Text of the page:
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Bardic Arts

Cynagua's Bloody Bastard

An Homage by
Owen ap Morgan
[Copyright © 2008 by Earl P. Jones
Permission granted for publication on the West Kingdom History web site.]

An heir to all Cynagua's lands has duly been invested,
Well-polished by his lady's hands, with strength in battle tested.
He seems a prince among all men in grace and noble manner,
And soon to be crowned Prince again beneath the black swan's banner.
Yet there may be a few of late, among the foes he mastered,
Who storm and rage at cruel fate and curse the bloody bastard (sword).

Oh, once and twice and yet again, we heard the same old story
Of fighters interrupted in their quest for fame and glory;
Who, fighting for the coronet out on the field of honor,
Discovered themselves sore beset by one they faced upon her.
For though they charged or though they stood, held back or struck the faster,
They came to realize they could not beat that bloody bastard (sword).

The world in which we live is hard, and so we still need heroes
To stand before us, watch and guard, that we need never fear foes.
So hail Arundel's doughty son, the Marc we set before us,
And let his praise be sung by one and all in ringing chorus.
If you would keep Cynagua's land from wrath and war's disaster,
It helps to find the guiding hand upon a bloody bastard (sword)!


Author Notes:
"At Cynagua May Coronet, 2008, Marc de Arundel stood victorious to the greater glory of his lady, Arianwen ferch Morgan. While standing by the field observing some of the combat, I overheard two gentles discussing the day, with particular reference to how overpowering Marc had been with the 'bastard sword' he used during all of his bouts I witnessed, and possibly the entire day. After he prevailed, in the approximate words I used to introduce the piece below, my muse "showed up drunk, grabbed me by the throat, bitch-slapped me and said 'WRITE!!'" The following was written between dinner and the first rounds of the Bard of Cynagua competition, and performed for the assembled royalty and the Lord and Lady of the Swan shortly following that competition. (It seemed to go over well -- I'm not dead.)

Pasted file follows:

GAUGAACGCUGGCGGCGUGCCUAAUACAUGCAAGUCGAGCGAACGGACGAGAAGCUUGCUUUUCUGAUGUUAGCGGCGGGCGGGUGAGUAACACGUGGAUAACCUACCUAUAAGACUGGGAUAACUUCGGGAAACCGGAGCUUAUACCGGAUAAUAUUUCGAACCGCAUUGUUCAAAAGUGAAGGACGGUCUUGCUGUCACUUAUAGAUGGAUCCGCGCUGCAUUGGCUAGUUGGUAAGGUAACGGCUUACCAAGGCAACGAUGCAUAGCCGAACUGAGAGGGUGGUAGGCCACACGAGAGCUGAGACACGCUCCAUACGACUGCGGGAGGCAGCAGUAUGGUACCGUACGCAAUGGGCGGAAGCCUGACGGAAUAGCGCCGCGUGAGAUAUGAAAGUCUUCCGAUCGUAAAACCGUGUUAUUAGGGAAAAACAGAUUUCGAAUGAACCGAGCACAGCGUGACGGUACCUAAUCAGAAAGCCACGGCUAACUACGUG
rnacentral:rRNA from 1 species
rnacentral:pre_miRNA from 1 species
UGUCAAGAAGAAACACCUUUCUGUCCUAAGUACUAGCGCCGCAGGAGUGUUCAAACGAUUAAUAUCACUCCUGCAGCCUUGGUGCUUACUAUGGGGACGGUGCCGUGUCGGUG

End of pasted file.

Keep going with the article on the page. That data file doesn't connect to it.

"Performance note: The word 'sword' concluding each stanza is meant to be pronounced after a /slight/ hesitation and in a slightly lowered tone - as if an afterthought." -- Owen ap Morgan


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